Temporary switchboard should be so located that the maximum lengths of the flexible cords do not cause excessive voltage drops and impairs the normal operation of electrical equipment and portable electric tools.

The switchboard should be properly earthed and the color-coding of the protective conductors shall be done in accordance with IEC 60646.

A main earth bar should be provided inside the switchboard and it shall be connected to the temporary electrical grounding using appropriate size earthing conductor. The cross-section of the conductor shall be sufficient to carry the rated short-time withstand current of the switchgear.

All metal parts of the switchboard cubicle, and the metal parts of the components that are mounted on the switchboard including door, relays, instruments, etc shall be earthed through branch connections to the earth bar.

Frames of the draw-out circuit breakers (if they are used) shall be connected to the earth bar through a substantial plug type contact.

All temporary electrical equipment and switchgears including the switchboards should be inspected and labeled regularly by a licensed competent person before their first use and every three months thereafter.

The details of the inspection should be recorded in a logbook for inspection purposes. The details recorded in the logbook should include but not limited to the following:
a) Date of the inspection.
b) Identification no of the equipment or switchboard inspected.
c) License number of the inspecting competent person.
d) Any repair required because of the inspection.

Inspection label or sticker should be attached to the inspected switchboard showing the date of the most recent inspection. This label should carry the verification signature of the endorsing competent person.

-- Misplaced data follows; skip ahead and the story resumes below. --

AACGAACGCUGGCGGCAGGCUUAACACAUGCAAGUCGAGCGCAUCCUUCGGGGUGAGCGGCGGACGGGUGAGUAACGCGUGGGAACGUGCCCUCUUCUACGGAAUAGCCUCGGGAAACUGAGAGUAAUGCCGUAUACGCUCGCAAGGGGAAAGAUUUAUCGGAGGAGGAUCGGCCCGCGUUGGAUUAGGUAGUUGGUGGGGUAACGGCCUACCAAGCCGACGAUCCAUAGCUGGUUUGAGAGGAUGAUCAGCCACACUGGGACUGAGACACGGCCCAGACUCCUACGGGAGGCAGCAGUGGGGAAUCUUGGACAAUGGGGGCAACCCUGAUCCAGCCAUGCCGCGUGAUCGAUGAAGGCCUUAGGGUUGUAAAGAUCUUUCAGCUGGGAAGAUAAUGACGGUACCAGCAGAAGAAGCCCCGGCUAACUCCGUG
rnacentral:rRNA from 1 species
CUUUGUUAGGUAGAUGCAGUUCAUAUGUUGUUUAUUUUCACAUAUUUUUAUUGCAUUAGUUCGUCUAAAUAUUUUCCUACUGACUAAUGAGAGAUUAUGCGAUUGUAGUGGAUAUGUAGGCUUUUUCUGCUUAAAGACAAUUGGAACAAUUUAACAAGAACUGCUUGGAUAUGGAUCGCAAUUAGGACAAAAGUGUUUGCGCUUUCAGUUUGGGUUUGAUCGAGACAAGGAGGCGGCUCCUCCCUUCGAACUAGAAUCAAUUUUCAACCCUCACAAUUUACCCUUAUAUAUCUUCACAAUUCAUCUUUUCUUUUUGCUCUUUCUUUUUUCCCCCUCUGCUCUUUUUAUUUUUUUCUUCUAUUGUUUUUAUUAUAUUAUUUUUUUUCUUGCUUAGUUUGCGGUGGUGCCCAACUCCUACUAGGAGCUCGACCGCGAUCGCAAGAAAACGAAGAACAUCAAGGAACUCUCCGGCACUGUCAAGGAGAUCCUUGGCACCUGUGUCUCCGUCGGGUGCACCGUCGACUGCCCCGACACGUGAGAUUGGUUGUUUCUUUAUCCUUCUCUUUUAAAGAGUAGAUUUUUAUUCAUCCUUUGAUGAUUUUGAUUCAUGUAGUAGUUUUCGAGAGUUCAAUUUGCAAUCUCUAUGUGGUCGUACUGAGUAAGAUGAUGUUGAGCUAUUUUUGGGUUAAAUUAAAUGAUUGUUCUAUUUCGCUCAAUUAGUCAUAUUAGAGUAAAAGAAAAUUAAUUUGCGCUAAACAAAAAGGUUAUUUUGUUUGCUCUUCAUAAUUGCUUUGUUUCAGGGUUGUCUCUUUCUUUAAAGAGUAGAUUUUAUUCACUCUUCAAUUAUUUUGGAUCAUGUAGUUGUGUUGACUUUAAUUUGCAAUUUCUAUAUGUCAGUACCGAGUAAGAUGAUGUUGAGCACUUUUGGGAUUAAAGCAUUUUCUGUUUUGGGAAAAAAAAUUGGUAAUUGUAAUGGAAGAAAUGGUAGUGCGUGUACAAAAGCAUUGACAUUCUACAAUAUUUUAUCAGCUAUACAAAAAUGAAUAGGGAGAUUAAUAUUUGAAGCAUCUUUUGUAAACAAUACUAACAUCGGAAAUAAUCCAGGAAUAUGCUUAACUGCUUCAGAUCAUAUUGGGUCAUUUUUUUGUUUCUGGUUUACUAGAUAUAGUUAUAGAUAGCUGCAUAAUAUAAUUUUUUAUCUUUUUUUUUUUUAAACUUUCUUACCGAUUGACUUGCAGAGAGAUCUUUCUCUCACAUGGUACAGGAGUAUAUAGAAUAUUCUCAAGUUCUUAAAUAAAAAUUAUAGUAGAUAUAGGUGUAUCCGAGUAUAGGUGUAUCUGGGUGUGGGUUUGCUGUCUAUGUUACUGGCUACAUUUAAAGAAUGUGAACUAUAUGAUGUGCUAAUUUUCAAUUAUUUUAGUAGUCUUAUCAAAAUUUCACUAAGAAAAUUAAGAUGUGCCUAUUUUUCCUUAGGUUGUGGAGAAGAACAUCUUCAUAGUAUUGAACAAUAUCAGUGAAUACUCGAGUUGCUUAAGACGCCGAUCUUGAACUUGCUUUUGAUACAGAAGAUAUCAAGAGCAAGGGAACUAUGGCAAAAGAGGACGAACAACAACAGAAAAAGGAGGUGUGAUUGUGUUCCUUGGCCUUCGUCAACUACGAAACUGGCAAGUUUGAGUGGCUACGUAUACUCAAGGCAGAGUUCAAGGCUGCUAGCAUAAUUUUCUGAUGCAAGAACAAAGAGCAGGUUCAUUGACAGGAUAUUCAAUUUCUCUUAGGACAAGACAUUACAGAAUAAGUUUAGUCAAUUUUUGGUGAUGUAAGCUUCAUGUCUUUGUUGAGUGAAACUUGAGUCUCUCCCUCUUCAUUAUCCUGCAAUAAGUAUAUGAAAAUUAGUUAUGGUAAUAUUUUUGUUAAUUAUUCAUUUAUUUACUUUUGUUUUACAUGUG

Repair works that are required by the inspection should be carried out without delay. If the required repairs are related to safe use of the temporary switchboard, they must be properly carried out before the board is put to further use.

There is also a more detailed article on temporary electrical installation at this post, Temporary Electrical Installations.

Copyright http://electricalinstallationblog.blogspot.com/ Temporary electrical switchboard

3 comments:

row anco said...

I truly appreciate you writing these as your insight has made me think a lot about this topic. Thank you!electrical switchboards

Boon Electrical said...

Very nice and informative post on electrical switchboard installation. The tips and information given is very helpful for those who are willing to change/upgrade their switchboards. Thanks for sharing this useful post with us.

Zequek Estrada said...

I also thought this post was educational. I learned a lot from it. I'm a bit curious about the installation process of temporary electrical switchboards in outdoor locations. Is it hard to meet the weatherproofing criteria? http://www.epgi.com.au/switchboard-construction